SA Navy Chief seeks improved African maritime security through cooperation, exercises

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SA Navy (SAN) Chief, Vice Admiral Monde Lobese, gave delegates to last week’s IMDEC (International Maritime Defence Exhibition and Conference) in Ghana an insight into his thinking on improving African maritime security.

That 38 of the continent’s 54 countries are either coastal or island ones with fully 90% of its trade done by sea are pointers to the need for more attention, in terms of finance and funding, to be allocated to maritime matters.

Lobese noted that “any delay in the delivery of this cargo has the potential of causing unwanted socio-economic consequences in any affected State. Maritime trade and maritime security are thus essential for the economic growth of the continent as well as for daily livelihoods.”

Lobese would like to see African States cooperating to enhance African maritime security through the principle of Sisonke – directly translated from IsiXhosa as “together”.

“The focus must be on togetherness through action through continental, regional and national initiatives to ensure maritime security,” he said, pointing to the 2050 Africa Integrated Maritime Strategy as the over-arching document to establish co-operation. He sees African nations realising the togetherness that is Sisonke to secure the African maritime domain (AMD).

“Africa must effectively combat these threats [armed conflicts and inter-state warfare, piracy, colonialism and IUU (illegal, unregulated and unreported) fishing] because they hinder economic development, and exacerbate food security issues.

“I believe African maritime security can be enhanced through naval cooperation. Cooperation between navies is inherent in their operating procedures as well as through their diplomatic roles. Cooperation between navies in conducting patrols in the maritime arena of Africa is essential if Africa is to meet the emerging threats and challenges to its maritime security.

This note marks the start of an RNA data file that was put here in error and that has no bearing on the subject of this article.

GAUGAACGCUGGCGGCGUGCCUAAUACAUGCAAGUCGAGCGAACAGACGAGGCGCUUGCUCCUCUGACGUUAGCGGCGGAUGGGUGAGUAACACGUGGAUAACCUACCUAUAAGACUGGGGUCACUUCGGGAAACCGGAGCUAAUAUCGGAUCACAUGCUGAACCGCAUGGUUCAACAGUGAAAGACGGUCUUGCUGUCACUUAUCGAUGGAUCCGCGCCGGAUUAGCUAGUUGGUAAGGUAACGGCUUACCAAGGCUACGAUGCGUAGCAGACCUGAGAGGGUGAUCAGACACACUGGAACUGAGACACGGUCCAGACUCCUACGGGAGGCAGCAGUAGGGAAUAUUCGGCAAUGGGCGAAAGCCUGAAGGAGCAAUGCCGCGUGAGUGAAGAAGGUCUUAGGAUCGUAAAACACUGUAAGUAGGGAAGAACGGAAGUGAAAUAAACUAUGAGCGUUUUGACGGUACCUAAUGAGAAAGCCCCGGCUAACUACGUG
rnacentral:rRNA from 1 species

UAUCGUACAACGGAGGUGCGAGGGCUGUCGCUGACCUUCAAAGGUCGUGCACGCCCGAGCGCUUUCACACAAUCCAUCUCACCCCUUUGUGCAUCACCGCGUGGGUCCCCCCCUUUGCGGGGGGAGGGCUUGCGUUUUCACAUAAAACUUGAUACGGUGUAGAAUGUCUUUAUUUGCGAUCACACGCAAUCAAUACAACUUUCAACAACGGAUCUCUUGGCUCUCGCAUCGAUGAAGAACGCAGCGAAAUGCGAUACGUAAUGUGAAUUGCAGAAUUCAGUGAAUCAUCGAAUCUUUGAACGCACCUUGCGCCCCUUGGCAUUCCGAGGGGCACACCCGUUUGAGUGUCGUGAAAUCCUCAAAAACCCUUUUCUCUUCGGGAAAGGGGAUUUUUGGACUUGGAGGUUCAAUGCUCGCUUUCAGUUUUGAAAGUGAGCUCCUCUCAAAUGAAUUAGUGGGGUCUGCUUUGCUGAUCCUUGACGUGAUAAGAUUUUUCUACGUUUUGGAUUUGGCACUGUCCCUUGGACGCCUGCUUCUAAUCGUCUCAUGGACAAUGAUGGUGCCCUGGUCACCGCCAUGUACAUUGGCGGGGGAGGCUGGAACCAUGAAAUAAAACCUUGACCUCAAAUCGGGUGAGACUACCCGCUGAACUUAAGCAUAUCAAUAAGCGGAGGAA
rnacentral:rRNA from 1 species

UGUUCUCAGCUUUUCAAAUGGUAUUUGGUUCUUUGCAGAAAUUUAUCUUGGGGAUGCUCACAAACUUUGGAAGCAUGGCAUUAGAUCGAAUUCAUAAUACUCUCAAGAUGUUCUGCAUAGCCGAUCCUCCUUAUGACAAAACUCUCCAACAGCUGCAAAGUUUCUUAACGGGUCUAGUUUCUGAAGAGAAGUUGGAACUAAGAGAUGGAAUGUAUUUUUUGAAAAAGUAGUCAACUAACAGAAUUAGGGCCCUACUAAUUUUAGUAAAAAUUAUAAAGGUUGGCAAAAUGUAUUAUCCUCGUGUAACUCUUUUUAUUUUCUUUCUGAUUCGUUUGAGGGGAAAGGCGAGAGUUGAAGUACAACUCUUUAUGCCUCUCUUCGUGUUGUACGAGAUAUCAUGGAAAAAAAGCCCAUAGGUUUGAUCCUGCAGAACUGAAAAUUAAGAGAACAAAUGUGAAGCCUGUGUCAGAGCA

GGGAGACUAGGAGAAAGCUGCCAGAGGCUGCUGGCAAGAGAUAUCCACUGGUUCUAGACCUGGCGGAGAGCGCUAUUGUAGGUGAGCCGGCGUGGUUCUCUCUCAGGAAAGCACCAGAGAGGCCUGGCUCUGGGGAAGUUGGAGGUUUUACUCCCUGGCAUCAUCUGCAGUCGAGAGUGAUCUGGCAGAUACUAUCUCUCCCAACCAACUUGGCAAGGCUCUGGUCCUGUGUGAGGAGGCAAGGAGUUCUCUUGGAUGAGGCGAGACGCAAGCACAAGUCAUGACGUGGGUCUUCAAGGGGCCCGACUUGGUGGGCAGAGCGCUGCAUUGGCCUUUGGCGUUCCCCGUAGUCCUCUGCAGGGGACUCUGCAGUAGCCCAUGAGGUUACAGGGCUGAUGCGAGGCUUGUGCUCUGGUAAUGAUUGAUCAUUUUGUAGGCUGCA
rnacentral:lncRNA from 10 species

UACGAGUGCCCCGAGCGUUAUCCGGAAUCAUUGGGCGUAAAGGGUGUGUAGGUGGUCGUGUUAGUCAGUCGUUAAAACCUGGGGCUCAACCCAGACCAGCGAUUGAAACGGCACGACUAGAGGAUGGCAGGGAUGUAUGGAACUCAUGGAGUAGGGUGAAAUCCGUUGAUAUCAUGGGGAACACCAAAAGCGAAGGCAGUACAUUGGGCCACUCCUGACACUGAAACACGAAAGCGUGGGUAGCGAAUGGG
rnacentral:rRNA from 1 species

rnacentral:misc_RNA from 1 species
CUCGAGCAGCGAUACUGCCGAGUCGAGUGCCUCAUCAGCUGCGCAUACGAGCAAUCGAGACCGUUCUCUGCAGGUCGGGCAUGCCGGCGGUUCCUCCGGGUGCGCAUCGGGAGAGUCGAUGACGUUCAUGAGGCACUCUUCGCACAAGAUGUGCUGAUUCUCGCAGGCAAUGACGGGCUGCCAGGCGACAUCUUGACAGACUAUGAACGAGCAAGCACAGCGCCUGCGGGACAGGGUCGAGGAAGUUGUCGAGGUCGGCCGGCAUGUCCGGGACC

“The co-operation of African nations must also be implemented in conjunction with existing and relevant AU (African Union), national and international regulatory frameworks and ongoing maritime initiatives in Africa.”

He sees establishment of a combined exclusive maritime zone of Africa (CEMZA) as important for future continental maritime security.

“CEMZA,” he told delegates, “is anticipated to provide Africa with significant, cross-cutting advantages in terms of geostrategic, economic, political, social, and security benefits as it will foster co-operation and lower risks associated with all international threats and poor environmental management”.

“Aiming to boost intra-African trade,” the CEMZA concept aims to remove or streamline administrative procedures in intra-AU maritime transport to make it more appealing, efficient and competitive as well as to do more to protect the environment.

“Establishing the CEMZA would definitely assist in ensuring the African continent’s maritime security, especially from an enforcement and governing point of view and, by extension, relate to naval activities/operations and navies as a whole,” Lobese said warning establishing such an extensive maritime zone will take time “as it will involve legal and other frameworks and negotiations on the political level”.